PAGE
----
"Houseparty maintains industry-trusted encryption and security measures to protect customer data," the company told ZDNet in response. "We are continuously reviewing and improving security practices at Houseparty and remind all of our users it's a best practice to use strong passwords."

Discord, too, reportedly failed in the same area. Passwords must have at least six characters, but using "111111" is considered perfectly fine. In addition, this platform will collect user contact information if it is connected to a user's social media accounts.

Discord told us:

"Discord takes user privacy very seriously. We're pleased to get a high score from Mozilla on their minimum security standards, and we are currently working with them to ensure they have all the information regarding our privacy and security features.

Regarding passwords, today we have updated our settings to prevent passwords that aren't complex enough or that have been previously compromised by another service from being used.

In addition, we use a feature called IP Location Lock that provides deep protection for our users and encourage all our users to adopt two-factor authentication."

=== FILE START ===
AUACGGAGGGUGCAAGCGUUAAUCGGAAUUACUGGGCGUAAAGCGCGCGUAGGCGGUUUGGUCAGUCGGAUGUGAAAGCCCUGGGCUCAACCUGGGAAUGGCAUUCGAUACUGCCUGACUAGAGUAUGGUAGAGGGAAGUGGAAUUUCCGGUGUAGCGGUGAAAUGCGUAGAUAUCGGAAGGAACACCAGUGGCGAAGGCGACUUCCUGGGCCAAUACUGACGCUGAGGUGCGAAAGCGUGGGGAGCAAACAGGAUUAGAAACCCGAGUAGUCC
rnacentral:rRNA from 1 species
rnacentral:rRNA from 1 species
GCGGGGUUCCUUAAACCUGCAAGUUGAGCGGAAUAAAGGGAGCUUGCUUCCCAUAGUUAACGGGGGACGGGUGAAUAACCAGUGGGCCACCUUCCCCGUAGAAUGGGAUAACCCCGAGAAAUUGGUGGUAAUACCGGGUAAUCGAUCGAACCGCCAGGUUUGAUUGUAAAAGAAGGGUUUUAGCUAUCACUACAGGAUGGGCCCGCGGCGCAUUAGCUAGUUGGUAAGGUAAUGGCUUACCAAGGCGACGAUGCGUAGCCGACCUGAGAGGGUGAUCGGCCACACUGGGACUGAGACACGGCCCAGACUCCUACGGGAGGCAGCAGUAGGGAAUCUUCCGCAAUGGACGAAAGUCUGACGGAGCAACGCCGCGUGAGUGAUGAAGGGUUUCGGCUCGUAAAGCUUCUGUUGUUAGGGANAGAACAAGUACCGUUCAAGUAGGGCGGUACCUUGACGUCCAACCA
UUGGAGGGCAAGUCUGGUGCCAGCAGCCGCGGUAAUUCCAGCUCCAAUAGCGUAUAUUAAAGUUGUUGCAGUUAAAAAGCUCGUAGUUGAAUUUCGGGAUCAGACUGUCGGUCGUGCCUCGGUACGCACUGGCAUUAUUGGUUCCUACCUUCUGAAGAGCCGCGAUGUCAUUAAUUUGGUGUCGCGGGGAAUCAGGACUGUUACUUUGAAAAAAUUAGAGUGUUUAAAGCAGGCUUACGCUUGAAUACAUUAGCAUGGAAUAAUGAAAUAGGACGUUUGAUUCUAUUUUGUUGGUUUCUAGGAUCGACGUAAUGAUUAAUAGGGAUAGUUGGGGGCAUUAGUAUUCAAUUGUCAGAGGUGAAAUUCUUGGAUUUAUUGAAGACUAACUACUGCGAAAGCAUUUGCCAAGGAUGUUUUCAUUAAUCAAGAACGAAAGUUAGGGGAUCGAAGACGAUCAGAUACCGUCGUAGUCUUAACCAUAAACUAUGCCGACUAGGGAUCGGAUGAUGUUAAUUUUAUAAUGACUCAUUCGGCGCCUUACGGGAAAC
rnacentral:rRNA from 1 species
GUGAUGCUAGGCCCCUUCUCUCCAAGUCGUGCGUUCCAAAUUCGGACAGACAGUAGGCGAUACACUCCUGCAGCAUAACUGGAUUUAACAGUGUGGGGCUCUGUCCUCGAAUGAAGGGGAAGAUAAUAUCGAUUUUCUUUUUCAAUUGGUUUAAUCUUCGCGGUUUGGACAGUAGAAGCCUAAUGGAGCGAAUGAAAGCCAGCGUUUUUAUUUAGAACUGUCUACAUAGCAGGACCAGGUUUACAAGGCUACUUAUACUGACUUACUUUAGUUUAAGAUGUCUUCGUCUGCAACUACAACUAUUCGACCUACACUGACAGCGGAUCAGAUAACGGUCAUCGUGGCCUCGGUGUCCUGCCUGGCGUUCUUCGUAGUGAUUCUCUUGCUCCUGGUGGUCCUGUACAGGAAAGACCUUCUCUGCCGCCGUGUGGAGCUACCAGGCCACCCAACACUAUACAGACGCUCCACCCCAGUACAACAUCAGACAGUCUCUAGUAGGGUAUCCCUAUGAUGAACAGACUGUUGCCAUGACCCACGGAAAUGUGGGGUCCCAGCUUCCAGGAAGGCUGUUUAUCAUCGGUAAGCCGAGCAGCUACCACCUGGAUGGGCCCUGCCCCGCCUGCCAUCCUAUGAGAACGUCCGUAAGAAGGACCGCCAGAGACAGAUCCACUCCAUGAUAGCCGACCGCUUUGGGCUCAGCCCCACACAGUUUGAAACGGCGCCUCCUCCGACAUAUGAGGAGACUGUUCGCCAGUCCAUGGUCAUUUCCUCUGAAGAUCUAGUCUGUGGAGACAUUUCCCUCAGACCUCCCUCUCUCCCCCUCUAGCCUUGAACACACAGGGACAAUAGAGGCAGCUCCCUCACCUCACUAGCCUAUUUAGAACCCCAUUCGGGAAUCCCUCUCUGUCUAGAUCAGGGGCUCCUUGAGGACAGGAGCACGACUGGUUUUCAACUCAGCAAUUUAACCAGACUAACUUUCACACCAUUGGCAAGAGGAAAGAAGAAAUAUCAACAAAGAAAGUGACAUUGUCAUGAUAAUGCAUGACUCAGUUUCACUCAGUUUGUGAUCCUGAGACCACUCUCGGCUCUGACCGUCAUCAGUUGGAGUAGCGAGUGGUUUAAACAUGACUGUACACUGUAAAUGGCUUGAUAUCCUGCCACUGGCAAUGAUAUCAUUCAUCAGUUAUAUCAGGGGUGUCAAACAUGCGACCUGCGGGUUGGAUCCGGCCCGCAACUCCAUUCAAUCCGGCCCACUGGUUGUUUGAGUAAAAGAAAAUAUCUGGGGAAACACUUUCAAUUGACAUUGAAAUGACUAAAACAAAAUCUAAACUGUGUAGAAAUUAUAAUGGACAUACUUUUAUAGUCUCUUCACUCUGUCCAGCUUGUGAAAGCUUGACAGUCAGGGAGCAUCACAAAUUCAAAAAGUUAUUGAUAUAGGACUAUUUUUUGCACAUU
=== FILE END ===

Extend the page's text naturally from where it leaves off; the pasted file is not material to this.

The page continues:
Doxy.me, aimed at patients and clinicians, also did not meet Mozilla's standards. The app claims that HIPAA, GDPR, PHIPA/PIPEDA, & HITECH security standards are met, of which Mozilla says may be the case depending on the version in use by clinicians, but password requirements fall short. 

Only healthcare providers need to use a password, but this can be as weak as "123." There is also no general option for implementing two-factor authentication (2FA). 

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Doxy.me can only be accessed through a web browser, and therefore, the security of the platform relies on users making sure their browser is up-to-date. Mozilla was unable to ascertain whether or not a vulnerability disclosure platform is in place. 

Doxy.me told ZDNet that as the app utilizes browsers, this "trust system" should ensure core infrastructure remains secure. In addition, while there is no official bug bounty program, the company does work with independent researchers and conducts penetration tests on a frequent basis. 

Doxy.me confirmed the minimum password security requirements, but said that as no patient data is stored, passwords are intended to be flexible enough to work with existing client and organization password policies. 

However, Doxy.me added that password strength is an area the company is "working towards improving." 

2FA can be implemented in the higher tiers of subscription accounts, and on the lower tier, existing authentication can be used via services such as logging in with Google or Facebook.

"With a record number of people using video call apps to conduct business, teach classes, and catch up with friends, it's more important than ever that this technology be trustworthy," commented Ashley Boyd, Mozilla's Vice President of Advocacy. "The good news is that the boom in usage has put pressure on these companies to improve their privacy and security for all users, which should be a wake-up call for the rest of the tech industry."